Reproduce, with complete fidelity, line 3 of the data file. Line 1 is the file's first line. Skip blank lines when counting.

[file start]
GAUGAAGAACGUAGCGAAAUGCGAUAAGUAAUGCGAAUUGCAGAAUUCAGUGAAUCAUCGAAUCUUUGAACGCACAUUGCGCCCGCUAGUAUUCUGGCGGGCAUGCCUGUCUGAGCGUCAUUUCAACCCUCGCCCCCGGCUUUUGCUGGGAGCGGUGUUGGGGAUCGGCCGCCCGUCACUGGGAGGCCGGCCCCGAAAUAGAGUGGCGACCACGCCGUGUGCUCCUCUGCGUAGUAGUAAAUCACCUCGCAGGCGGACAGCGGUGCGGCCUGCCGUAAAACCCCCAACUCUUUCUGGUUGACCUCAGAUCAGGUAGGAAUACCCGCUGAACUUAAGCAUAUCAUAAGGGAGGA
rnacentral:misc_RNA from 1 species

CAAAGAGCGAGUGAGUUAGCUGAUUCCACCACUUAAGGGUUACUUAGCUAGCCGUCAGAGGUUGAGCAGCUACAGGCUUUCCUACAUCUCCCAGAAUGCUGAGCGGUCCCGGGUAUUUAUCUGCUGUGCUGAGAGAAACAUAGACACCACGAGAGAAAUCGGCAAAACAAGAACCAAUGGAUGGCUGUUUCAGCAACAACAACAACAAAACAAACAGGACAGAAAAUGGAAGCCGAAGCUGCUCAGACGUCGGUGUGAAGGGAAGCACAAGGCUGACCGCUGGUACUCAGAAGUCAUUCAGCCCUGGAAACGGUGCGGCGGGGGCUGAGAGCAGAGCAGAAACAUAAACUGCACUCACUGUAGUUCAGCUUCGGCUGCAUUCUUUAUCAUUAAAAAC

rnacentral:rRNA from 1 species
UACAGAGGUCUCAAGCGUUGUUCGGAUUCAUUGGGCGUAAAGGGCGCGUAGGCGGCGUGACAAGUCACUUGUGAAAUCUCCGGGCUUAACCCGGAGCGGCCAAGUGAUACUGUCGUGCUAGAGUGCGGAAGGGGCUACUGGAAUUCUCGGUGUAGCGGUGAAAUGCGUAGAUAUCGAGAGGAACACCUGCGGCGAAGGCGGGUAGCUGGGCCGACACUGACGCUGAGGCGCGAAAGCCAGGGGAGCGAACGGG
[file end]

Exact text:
CAAAGAGCGAGUGAGUUAGCUGAUUCCACCACUUAAGGGUUACUUAGCUAGCCGUCAGAGGUUGAGCAGCUACAGGCUUUCCUACAUCUCCCAGAAUGCUGAGCGGUCCCGGGUAUUUAUCUGCUGUGCUGAGAGAAACAUAGACACCACGAGAGAAAUCGGCAAAACAAGAACCAAUGGAUGGCUGUUUCAGCAACAACAACAACAAAACAAACAGGACAGAAAAUGGAAGCCGAAGCUGCUCAGACGUCGGUGUGAAGGGAAGCACAAGGCUGACCGCUGGUACUCAGAAGUCAUUCAGCCCUGGAAACGGUGCGGCGGGGGCUGAGAGCAGAGCAGAAACAUAAACUGCACUCACUGUAGUUCAGCUUCGGCUGCAUUCUUUAUCAUUAAAAAC